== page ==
The Park houses several species of ungulates, in particular:
- Ibex (Capra)
- Chamois (Rupicapra)
- Roe Deer (Capreolus)
- Deer (Cervus elaphus)
For all the different species of ungulates present in the Park are carried out periodic censuses to assess the status and size of the population.
The Park for years has been pursuing a health monitoring plan of the fauna with special reference to ungulates; also in the case of the Ibex, is being carried out a specific research project, through the use of radio collar transmitters, that provides various types of ecoethology information about this species within the colony of the Park.
Interactions between wild and domestic animals
Many of the infectious or parasitic diseases that affect wild ungulates are transmitted to them by domestic animals that gravitate around or share the same pastures.
The interaction between domestic and wild animals in the Park, thanks to the experience gained over the years, did not create any problems. Cattle grazing are normally wormed about 30-60 days before the climb to the alpine hut. For what concerns transhumant sheep, their transit was limited to travel roads in the valley through the park, in order to minimize the contact between the latter and the ungulates.
Captures of wild animals in the Park, with particular reference to Ibex, are made to carry out ecologic- ethological and health research projects (Dr. Marco Favalli) on this high biological value ungulate.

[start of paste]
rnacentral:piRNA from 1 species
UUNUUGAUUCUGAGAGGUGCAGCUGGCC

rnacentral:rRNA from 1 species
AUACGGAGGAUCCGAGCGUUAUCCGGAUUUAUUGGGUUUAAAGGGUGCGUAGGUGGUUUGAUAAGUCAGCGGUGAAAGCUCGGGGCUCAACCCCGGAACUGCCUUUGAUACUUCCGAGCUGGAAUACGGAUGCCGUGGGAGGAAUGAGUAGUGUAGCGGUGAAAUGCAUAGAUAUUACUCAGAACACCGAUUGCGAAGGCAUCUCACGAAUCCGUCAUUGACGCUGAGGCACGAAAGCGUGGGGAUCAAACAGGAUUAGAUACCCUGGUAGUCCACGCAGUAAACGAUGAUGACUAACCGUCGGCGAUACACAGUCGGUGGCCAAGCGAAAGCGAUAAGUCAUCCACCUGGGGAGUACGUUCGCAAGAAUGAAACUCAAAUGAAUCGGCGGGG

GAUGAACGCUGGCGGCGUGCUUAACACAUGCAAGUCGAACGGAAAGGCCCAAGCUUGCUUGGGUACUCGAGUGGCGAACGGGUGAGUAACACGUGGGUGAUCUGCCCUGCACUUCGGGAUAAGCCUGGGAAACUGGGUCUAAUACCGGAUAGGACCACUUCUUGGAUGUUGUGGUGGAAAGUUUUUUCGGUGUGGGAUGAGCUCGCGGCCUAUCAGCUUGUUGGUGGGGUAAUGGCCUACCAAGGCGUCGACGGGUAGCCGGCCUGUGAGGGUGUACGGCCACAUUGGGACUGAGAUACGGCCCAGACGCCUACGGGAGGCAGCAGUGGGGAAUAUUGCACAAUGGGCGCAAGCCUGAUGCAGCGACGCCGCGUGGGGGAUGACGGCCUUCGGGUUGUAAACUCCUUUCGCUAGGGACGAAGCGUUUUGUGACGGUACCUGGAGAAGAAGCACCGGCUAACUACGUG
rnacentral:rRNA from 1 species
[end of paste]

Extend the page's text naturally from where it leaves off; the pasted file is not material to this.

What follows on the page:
The capture is done via remote anesthesia using a syringe-shooter or a blowgun. The use of anesthetic substances for the capture of wild animals requires a certain experience especially for the choice of the active principles and their correct dosage.
After being anesthetized animals are blindfolded to decrease stress and they undergo a clinical examination which includes a blood sample for laboratory examination. Biometric analysis are performed simultaneously and a radio collar is applied: it will provide location information and other physiological parameters of the animal for a few years.
Generally over a period of about ten minutes, the Ibex is awakened by administering an anesthetic antidote (antagonist drug) and released on the spot.